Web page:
The British ferry company is laying off 800 sailors. Some refuse to leave their ships


By Anna Cooban, CNN Business

A Dubai-owned British ferry company laid off 800 seafarers on Thursday, wreaking havoc in some of the country’s biggest ports and prompting union officials to urge workers to occupy their ships.

P&O Ferries carries over 10 million passengers and 2.2 million freight units between ports in the UK and Europe every year. The company, which belongs to the Dubai logistics group DP World, said to have resorted to massive layoffs to ensure its survival.

“In its current state, P&O Ferries is not a viable business. We have made a loss of £100m ($130m) year on year, which has been covered by our parent company DP World” , a spokesperson told CNN Business in a statement.

“It’s not sustainable. Our survival depends on rapid and meaningful change now,” the spokesperson added.

The summary dismissals sparked a political firestorm, with lawmakers from Britain’s two main parties condemning the company’s decision. The government addressed the decision in parliament on Thursday.

“The behavior we have seen today is absolutely unacceptable,” Robert Courts, the Minister of Aviation and Maritime, told lawmakers.

Tory lawmaker Huw Merriman, who chairs a transport committee in parliament, called the mass shootings “appalling” and questioned their legality.

“The government must do everything it can to ensure that this appalling employment transaction cannot go ahead,” he said in a statement. DP World “must understand that UK customers will not do business with companies that treat their staff with contempt”, he added.

P&O Ferries said it would provide ‘enhanced pay’ for redundant staff. He said services would be suspended over the next few days and passengers would be rebooked with other carriers.

The company told crew on Thursday to disembark passengers and remove cargo from their vessels, according to a memo to staff shared by British lawmaker Karl Turner on Twitter. The company said in the memo that it expected “serious disruption” at ports as a result.

P&O Ferries make up to 70 crossings a day between the port of Dover in the UK and France. The port is a key driver of Britain’s economy, accounting for up to 17% of the country’s pre-Brexit goods trade, according to consultancy Oxera.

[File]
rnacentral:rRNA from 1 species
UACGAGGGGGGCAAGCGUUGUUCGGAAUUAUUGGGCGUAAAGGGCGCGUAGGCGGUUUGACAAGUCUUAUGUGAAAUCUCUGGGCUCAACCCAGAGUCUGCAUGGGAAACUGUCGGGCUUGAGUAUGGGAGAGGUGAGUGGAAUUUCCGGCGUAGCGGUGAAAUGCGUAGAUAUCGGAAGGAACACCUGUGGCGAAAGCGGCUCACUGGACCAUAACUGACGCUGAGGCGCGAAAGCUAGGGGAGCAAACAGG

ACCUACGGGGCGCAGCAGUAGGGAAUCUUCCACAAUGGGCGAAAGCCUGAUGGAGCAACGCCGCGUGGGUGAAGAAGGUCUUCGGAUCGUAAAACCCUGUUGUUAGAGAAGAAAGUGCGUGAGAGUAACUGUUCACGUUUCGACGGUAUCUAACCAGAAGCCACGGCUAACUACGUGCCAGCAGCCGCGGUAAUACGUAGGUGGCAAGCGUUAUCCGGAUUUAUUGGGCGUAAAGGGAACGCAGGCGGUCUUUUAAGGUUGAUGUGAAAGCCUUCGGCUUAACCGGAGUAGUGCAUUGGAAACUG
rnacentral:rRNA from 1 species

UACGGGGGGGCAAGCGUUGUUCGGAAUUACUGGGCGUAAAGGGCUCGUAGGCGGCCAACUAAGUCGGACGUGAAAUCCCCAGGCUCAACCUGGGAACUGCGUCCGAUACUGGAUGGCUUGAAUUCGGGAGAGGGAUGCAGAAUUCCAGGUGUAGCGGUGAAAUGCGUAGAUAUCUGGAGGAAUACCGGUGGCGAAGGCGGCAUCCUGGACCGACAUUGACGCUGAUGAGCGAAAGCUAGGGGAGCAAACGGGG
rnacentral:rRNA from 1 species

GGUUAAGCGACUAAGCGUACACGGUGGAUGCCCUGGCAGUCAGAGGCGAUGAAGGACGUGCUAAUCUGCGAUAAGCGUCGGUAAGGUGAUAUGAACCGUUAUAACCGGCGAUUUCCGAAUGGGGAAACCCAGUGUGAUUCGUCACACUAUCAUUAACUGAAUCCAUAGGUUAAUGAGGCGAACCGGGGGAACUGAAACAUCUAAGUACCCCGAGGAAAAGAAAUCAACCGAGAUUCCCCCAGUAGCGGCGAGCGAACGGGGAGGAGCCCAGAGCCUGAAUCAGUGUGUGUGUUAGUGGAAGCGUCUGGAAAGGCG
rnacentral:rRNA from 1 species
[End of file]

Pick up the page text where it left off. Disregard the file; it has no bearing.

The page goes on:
RMT, a union representing transport workers, had speculated before Thursday’s announcement that hundreds of its members would be replaced by foreign workers – and asked them to stay on board.

Turner, who represents the city of Hull in northern England, said an RMT officer on board the ship The Pride of Hull told him that at least 72 crew were refusing to disembark. Turner said he visited King George Dock, where the ship is located, and saw two buses of agency workers waiting to board as well as two minibuses of security guards.

Mark Dickinson, the general secretary of Nautilus International, a union representing maritime workers, called the sackings “a betrayal of British workers”.

Susannah Streeter, senior investment and market analyst at Hargreaves Lansdown, said the way the company laid off workers was unlikely to help it win customers.

“This could quickly turn into a serious reputational headache for the company, with a big union fight looming,” Streeter said.

Rustom Tata, an employer lawyer and chairman of law firm DMH Stallard, said it appeared P&O Ferries was trying to avoid renegotiating wages with its workers and replacing them with agency staff.

“For staff members who have been or are about to be terminated, they will definitely have wrongful termination claims,” Tata said.

“One has to wonder to what extent the integrity of the P&O brand will be affected not only by the fact of the layoffs, but also by the seemingly fully planned approach adopted for such a large proportion of its workforce, ignoring some of the fundamental principles of based. employee relations,” he added.

British trade has been hit by the pandemic and the country’s exit from the European Union. Merchandise trade with the rest of the world was down 7% below 2019 levels by August last year, while trade with the European Union was still down 15%, the Office said. for Budget Responsibility in October.

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